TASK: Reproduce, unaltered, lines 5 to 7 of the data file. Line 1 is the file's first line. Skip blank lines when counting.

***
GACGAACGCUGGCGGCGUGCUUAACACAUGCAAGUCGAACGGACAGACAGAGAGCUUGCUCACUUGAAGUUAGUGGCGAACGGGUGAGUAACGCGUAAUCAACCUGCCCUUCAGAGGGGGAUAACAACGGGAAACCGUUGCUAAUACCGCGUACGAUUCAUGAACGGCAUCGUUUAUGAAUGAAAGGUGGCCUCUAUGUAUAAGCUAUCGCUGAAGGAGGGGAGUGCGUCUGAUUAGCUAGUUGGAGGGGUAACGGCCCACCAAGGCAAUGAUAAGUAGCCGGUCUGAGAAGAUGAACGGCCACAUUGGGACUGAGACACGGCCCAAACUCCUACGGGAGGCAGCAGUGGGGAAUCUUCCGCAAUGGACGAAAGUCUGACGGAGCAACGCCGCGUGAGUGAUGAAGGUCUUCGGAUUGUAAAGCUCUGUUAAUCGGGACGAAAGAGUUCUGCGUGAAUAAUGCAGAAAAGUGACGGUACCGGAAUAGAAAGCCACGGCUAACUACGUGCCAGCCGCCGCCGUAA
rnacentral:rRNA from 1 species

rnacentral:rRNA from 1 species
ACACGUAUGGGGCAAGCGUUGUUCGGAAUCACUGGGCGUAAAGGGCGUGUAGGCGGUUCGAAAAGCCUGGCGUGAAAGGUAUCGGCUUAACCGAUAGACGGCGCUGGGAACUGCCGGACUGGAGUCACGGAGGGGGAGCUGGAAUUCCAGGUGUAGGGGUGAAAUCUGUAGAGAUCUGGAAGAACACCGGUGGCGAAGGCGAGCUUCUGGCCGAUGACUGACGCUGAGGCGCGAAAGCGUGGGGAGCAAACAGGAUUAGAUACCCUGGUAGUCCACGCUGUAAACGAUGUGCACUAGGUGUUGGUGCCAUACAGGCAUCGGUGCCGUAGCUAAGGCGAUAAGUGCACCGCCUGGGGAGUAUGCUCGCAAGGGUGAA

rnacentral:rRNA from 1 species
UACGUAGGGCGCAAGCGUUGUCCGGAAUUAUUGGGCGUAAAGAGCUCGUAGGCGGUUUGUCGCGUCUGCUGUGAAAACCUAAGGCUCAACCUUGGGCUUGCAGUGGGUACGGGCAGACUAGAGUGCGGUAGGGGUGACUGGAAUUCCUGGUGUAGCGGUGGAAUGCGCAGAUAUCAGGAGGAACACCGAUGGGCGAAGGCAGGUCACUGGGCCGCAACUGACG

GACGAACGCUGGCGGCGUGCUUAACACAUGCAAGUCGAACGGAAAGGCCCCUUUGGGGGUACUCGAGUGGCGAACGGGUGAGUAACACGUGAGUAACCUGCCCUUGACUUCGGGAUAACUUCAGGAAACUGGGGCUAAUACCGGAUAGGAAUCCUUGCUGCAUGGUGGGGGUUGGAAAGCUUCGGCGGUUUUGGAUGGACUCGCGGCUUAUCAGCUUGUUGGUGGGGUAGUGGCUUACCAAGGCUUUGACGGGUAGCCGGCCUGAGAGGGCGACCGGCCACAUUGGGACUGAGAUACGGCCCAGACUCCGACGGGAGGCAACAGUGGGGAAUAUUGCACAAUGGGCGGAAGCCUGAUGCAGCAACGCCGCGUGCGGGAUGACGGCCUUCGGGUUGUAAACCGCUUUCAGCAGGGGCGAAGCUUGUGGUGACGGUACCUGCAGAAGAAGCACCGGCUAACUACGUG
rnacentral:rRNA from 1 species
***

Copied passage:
rnacentral:rRNA from 1 species
UACGUAGGGCGCAAGCGUUGUCCGGAAUUAUUGGGCGUAAAGAGCUCGUAGGCGGUUUGUCGCGUCUGCUGUGAAAACCUAAGGCUCAACCUUGGGCUUGCAGUGGGUACGGGCAGACUAGAGUGCGGUAGGGGUGACUGGAAUUCCUGGUGUAGCGGUGGAAUGCGCAGAUAUCAGGAGGAACACCGAUGGGCGAAGGCAGGUCACUGGGCCGCAACUGACG

GACGAACGCUGGCGGCGUGCUUAACACAUGCAAGUCGAACGGAAAGGCCCCUUUGGGGGUACUCGAGUGGCGAACGGGUGAGUAACACGUGAGUAACCUGCCCUUGACUUCGGGAUAACUUCAGGAAACUGGGGCUAAUACCGGAUAGGAAUCCUUGCUGCAUGGUGGGGGUUGGAAAGCUUCGGCGGUUUUGGAUGGACUCGCGGCUUAUCAGCUUGUUGGUGGGGUAGUGGCUUACCAAGGCUUUGACGGGUAGCCGGCCUGAGAGGGCGACCGGCCACAUUGGGACUGAGAUACGGCCCAGACUCCGACGGGAGGCAACAGUGGGGAAUAUUGCACAAUGGGCGGAAGCCUGAUGCAGCAACGCCGCGUGCGGGAUGACGGCCUUCGGGUUGUAAACCGCUUUCAGCAGGGGCGAAGCUUGUGGUGACGGUACCUGCAGAAGAAGCACCGGCUAACUACGUG